Beauty and the meaning of life can be found in the unlikeliest of places—such as the periodic table, if you look closely. That’s a thought that Oliver Sacks, one of our favourite writers, makes in this extract from Gratitude.
“When I was sent away to a boarding school as a child of six, at the outset of the Second World War, numbers became my friends; when I returned to London at ten, the elements and the periodic table became my companions. Times of stress throughout my life have led me to turn, or return, to the physical sciences, a world where there is no life, but also no death.
“And now, at this juncture, when death is no longer an abstract concept, but a presence—an all-too-close, not-to-be-denied presence—I am again surrounding myself, as I did when I was a boy, with metals and minerals, little emblems of eternity. At one end of my writing table, I have element 81 in a charming box, sent to me by element-friends in England: It says, ‘Happy Thallium Birthday,’ a souvenir of my eighty-first birthday last July; then, a realm devoted to lead, element 82, for my just celebrated eighty-second birthday earlier this month. Here too is a little lead casket, containing element 90, thorium, crystalline thorium, as beautiful as diamonds, and, of course, radioactive—hence the lead casket…
“Next to the circle of lead on my table is the land of bismuth: naturally occurring bismuth from Australia; little limousine-shaped ingots of bismuth from a mine in Bolivia; bismuth slowly cooled from a melt to form beautiful iridescent crystals terraced like a Hopi village; and, in a nod to Euclid and the beauty of geometry, a cylinder and a sphere made of bismuth.
“Bismuth is element 83. I do not think I will see my eighty-third birthday, but I feel there is something hopeful, something encouraging, about having ‘83’ around. Moreover, I have a spot for Bismuth, a modest grey metal, often unregarded, ignored, even by metal lovers. My feeling as a doctor for the mistreated or the marginalized extends into the inorganic world and finds a parallel in my feelings for bismuth.
“I almost certainly will not see my polonium (eighty-fourth) birthday, nor would I want any polonium around with its intense, murderous radioactivity. But then, at the other end of my table—my periodic table—I have a beautifully machined piece of beryllium (element 4) to remind me of my childhood, and of how long ago my soon-to-end life began.”
Stay safe and have a good day!
In this issue
- Why India needs data protection laws now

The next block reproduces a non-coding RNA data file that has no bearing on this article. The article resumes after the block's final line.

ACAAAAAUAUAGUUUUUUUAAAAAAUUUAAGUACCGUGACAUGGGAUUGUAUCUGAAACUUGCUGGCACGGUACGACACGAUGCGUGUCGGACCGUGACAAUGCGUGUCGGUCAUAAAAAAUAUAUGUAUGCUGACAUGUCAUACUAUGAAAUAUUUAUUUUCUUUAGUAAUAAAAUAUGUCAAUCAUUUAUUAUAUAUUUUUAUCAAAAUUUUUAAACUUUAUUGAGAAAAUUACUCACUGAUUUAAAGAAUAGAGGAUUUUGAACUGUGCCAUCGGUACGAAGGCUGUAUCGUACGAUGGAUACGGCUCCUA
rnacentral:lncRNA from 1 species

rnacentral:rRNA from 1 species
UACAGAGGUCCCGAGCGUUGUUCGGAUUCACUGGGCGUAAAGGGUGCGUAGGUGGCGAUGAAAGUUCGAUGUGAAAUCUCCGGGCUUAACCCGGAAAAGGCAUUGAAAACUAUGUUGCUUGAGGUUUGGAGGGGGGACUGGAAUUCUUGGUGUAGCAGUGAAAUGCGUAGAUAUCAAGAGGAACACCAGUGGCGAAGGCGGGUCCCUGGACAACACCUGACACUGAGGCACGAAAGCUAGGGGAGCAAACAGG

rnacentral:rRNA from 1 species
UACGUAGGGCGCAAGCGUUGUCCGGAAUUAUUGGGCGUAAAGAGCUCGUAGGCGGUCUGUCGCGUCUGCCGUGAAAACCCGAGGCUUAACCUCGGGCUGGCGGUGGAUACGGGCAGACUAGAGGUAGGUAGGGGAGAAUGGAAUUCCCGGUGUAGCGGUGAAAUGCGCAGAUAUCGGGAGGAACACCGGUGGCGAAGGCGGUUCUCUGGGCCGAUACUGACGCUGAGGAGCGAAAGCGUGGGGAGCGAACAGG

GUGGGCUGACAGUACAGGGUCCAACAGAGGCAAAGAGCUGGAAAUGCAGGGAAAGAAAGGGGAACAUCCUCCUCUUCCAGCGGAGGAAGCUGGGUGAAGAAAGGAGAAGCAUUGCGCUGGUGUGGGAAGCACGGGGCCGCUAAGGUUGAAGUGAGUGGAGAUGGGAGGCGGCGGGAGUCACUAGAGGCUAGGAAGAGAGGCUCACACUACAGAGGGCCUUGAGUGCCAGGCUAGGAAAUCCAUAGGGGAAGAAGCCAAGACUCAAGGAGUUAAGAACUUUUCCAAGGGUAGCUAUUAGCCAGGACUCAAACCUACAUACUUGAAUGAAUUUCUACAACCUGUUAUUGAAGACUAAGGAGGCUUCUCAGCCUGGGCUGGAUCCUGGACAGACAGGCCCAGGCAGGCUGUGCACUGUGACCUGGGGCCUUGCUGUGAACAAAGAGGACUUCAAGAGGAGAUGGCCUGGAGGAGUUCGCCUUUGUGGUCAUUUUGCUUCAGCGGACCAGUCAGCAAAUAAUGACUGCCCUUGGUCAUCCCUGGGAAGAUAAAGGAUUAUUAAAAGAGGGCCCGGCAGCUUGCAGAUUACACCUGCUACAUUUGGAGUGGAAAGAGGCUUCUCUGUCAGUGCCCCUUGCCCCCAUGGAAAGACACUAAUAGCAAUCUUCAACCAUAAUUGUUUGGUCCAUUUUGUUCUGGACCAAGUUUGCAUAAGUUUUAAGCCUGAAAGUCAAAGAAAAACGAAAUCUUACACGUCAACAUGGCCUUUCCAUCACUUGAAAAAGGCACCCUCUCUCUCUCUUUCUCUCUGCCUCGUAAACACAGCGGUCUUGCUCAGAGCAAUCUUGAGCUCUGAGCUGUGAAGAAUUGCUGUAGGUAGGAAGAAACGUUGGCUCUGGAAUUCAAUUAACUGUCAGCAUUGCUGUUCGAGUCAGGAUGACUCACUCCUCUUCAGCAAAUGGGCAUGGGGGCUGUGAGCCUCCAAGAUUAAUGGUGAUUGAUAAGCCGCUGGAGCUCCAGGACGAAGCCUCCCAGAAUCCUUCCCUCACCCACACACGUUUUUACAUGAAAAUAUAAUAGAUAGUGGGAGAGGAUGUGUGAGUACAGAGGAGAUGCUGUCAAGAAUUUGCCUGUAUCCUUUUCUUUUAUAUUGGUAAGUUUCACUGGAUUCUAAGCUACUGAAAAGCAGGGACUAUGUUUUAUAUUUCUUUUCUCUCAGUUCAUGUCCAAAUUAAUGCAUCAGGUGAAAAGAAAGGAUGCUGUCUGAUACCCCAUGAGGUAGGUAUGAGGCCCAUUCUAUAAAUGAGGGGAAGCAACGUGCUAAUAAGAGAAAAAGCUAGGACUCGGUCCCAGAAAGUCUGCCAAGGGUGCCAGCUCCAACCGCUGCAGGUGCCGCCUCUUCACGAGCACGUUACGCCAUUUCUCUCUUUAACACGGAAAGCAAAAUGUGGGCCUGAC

- Tim Cook’s successor
- Abbey Road (2021 edition)
Why India needs data protection laws now
Last week, when India’s Account Aggregator system went live, many were quick to note how revolutionary it could be in sharing data.
As Bloomberg explained: “Regulators agreed to allow banks, pension funds, tax authorities, insurers and other finance firms to pool together customer information—once the user consents—to make transactions smoother. If the system works, firms will be able to access large amounts of data within seconds to assess the creditworthiness of a small business, recommend a wealth management product for an individual, or tailor an insurance policy for a family.”
However, that’s only one part of the story. Rahul Matthan highlighted why the other part—having a legal system in place—is important. In his latest Ex Machina column he wrote:
“As much as I have sung praises of DEPA in this column, I am acutely aware that it too suffers from infirmities that could threaten its success. India still does not have a data protection regulation and implementing a technological solution for data transfers in the absence of a legal framework could bring with it a whole host of problems we could do without.
The fact is that when it comes to regulating technology, you simply cannot have one without the other. Technology businesses are most effectively regulated through a judicious mix of law and technology—strong, principle-based laws to provide the regulatory foundation, with protocol-based technology guardrails to ensure compliance.”
- India aims to open finance to millions with user-data system (Bloomberg)
- A techno-legal approach to data transfers (Ex Machina)
Tim Cook’s successor
When Tim Cook took over as CEO of Apple Inc from Steve Jobs in August 2011, many were sceptical, if not downright cynical. Slipping into Jobs’s shoes was a tall ask, indeed. But as Mark Gurman writes in Bloomberg, “Cook has grown Apple’s stock more than 1,000%, turned the company into an operations powerhouse, went all-in on custom technologies, and expanded the product portfolio with new services, wearables and a wider array of screen sizes.” Gurman has followed Apple’s trajectory very closely over the years and writes on consumer technology.
A question on many people’s minds now is, who can step into Cook’s shoes when the board of directors may have to look for someone to succeed him in 2025. Gurman attempts to answer this by examining Cook’s options and the candidates that Apple Inc can look at. He reckons if Cook decides to stay on for longer, the board will be delighted.
“But there are signs that’s not likely,” he writes. “The belief inside Apple is that Cook just wants to stick around for one more major new product category, which is likely to be augmented reality glasses rather than a car—something that’s even further out. He also understands that running a Silicon Valley company is typically a young person’s game, and he’s not going to stay far beyond his prime.”
Abbey Road (2021 edition)
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